Dried watermelon rind mash diet increases plasma l -citrulline level in chicks

Linh T.N. Nguyen, Guofeng Han, Hui Yang, Hiromi Ikeda, Hatem M. Eltahan, Vishwajit Surchowdhury, Mitsuhiro Furuse

Research output: Contribution to journalComment/debate

Abstract

Heat stress is an increasing concern in poultry industry as it can cause a rise in the body temperature of chickens. Recently, we reported that L-citrulline (L-Cit) isa potential hypothermic agent that could improve thermotolerance in chicks. However, synthetic L-Cit has not yet been approved for inclusion in animal diets. L-Cit was first isolated from watermelon. Watermelon rind (WR), an agricultural waste product, contains more L-Cit than the flesh of the fruit. In the current study, the chemical composition and L-Cit content of WR dried powder (WRP) were determined. WRP was mixed with water at a ratio of 4:5 (wt/v) to make WRP mash, and then mixed with a commercial starter diet to prepare a 9% WRP mash diet. The WRP mash diet was fed to 3-to 15-day-old chicks and daily food intake, body weight, and changesin rectal temperature were measured. At the end of the experiment, blood wascollected from the chicksto analyze plasma L-Cit and other free amino acids. The chemical analysis of WRP revealed a variety of com-ponentsincluding 19.1% crude protein. L-Cit wasthe most abundant free amino acid in WRP (3.18 mg/g). Chronic supplementation of the WRP mash diet significantly increased compensatory food intake, plasma L-Cit, L-ornithine, and L-tyrosine in chicks. WRP mash diet did not affect the body temperature of the chicks. In conclusion, WRP mash diet supplementation increased plasma L-Cit concentration in chicks. The increase in plasma L-Cit concentrations suggest that WR could be used as a natural source of L-Cit in chicks to ameliorate the adverse effects of heat stress.

Original languageEnglish
Pages (from-to)65-70
Number of pages6
JournalJournal of Poultry Science
Volume56
Issue number1
DOIs
Publication statusPublished - Jan 1 2019

Fingerprint

citrulline
mash
watermelons
powders
chicks
diet
free amino acids
body temperature
heat stress
food intake
agricultural wastes
starter diets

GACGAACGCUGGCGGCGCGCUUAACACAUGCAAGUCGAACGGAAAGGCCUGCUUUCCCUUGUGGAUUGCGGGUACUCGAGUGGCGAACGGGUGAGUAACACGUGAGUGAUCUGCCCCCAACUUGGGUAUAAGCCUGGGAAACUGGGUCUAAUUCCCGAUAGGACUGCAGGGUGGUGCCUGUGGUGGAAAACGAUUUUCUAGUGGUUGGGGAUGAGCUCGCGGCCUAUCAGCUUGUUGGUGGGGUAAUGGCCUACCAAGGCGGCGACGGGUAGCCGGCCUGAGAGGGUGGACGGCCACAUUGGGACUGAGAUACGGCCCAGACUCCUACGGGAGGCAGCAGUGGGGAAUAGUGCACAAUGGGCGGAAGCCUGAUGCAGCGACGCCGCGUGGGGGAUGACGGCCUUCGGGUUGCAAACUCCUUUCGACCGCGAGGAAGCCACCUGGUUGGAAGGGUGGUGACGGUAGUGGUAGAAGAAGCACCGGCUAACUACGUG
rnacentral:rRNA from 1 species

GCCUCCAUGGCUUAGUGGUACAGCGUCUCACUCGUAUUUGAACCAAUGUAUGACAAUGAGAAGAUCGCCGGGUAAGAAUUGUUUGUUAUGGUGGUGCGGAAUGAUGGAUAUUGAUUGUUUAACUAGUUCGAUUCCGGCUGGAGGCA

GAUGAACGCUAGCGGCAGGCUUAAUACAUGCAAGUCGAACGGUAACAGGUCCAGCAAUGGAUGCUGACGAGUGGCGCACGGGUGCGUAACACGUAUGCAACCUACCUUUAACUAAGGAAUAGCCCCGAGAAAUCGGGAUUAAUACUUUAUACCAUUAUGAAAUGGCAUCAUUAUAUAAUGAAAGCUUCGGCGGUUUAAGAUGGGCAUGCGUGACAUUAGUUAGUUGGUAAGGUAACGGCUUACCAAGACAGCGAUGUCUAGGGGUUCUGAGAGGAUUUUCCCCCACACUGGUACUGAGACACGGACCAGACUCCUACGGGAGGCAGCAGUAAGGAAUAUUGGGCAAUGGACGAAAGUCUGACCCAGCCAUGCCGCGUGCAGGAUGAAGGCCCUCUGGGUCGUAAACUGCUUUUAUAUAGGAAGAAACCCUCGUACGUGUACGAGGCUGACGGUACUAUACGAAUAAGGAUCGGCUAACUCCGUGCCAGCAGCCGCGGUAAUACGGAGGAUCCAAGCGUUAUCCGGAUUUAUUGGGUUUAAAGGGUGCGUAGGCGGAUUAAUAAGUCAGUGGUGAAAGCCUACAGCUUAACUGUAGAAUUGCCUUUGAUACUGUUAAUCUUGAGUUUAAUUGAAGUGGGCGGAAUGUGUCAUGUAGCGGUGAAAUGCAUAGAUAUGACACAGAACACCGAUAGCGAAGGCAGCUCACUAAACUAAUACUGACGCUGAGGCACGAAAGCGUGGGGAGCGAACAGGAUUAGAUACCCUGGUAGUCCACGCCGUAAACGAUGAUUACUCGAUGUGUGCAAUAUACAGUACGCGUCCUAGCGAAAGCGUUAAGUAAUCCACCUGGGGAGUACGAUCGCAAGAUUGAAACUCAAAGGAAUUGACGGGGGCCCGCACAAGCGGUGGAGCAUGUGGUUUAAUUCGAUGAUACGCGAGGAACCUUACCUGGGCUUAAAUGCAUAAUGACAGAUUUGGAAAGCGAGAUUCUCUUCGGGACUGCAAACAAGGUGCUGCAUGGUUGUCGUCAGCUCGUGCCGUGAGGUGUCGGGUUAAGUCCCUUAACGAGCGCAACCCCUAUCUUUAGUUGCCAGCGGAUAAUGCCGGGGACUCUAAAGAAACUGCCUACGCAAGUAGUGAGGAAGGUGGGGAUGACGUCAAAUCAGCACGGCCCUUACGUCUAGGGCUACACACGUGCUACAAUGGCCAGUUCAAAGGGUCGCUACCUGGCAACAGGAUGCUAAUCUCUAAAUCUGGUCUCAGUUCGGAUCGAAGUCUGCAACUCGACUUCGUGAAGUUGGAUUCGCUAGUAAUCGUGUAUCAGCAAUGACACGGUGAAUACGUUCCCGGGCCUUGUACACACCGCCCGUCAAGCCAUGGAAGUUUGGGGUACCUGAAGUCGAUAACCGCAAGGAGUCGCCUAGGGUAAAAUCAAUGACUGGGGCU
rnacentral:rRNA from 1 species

ornithine
poultry industry
heat tolerance
chemical analysis
tyrosine
crude protein
chemical composition
adverse effects

All Science Journal Classification (ASJC) codes

  • Animal Science and Zoology

Cite this

Dried watermelon rind mash diet increases plasma l -citrulline level in chicks . / Nguyen, Linh T.N.; Han, Guofeng; Yang, Hui; Ikeda, Hiromi; Eltahan, Hatem M.; Surchowdhury, Vishwajit; Furuse, Mitsuhiro.

In: Journal of Poultry Science, Vol. 56, No. 1, 01.01.2019, p. 65-70.

Research output: Contribution to journalComment/debate

Nguyen, Linh T.N. ; Han, Guofeng ; Yang, Hui ; Ikeda, Hiromi ; Eltahan, Hatem M. ; Surchowdhury, Vishwajit ; Furuse, Mitsuhiro. / Dried watermelon rind mash diet increases plasma l -citrulline level in chicks In: Journal of Poultry Science. 2019 ; Vol. 56, No. 1. pp. 65-70.
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abstract = "Heat stress is an increasing concern in poultry industry as it can cause a rise in the body temperature of chickens. Recently, we reported that L-citrulline (L-Cit) isa potential hypothermic agent that could improve thermotolerance in chicks. However, synthetic L-Cit has not yet been approved for inclusion in animal diets. L-Cit was first isolated from watermelon. Watermelon rind (WR), an agricultural waste product, contains more L-Cit than the flesh of the fruit. In the current study, the chemical composition and L-Cit content of WR dried powder (WRP) were determined. WRP was mixed with water at a ratio of 4:5 (wt/v) to make WRP mash, and then mixed with a commercial starter diet to prepare a 9{\%} WRP mash diet. The WRP mash diet was fed to 3-to 15-day-old chicks and daily food intake, body weight, and changesin rectal temperature were measured. At the end of the experiment, blood wascollected from the chicksto analyze plasma L-Cit and other free amino acids. The chemical analysis of WRP revealed a variety of com-ponentsincluding 19.1{\%} crude protein. L-Cit wasthe most abundant free amino acid in WRP (3.18 mg/g). Chronic supplementation of the WRP mash diet significantly increased compensatory food intake, plasma L-Cit, L-ornithine, and L-tyrosine in chicks. WRP mash diet did not affect the body temperature of the chicks. In conclusion, WRP mash diet supplementation increased plasma L-Cit concentration in chicks. The increase in plasma L-Cit concentrations suggest that WR could be used as a natural source of L-Cit in chicks to ameliorate the adverse effects of heat stress.",
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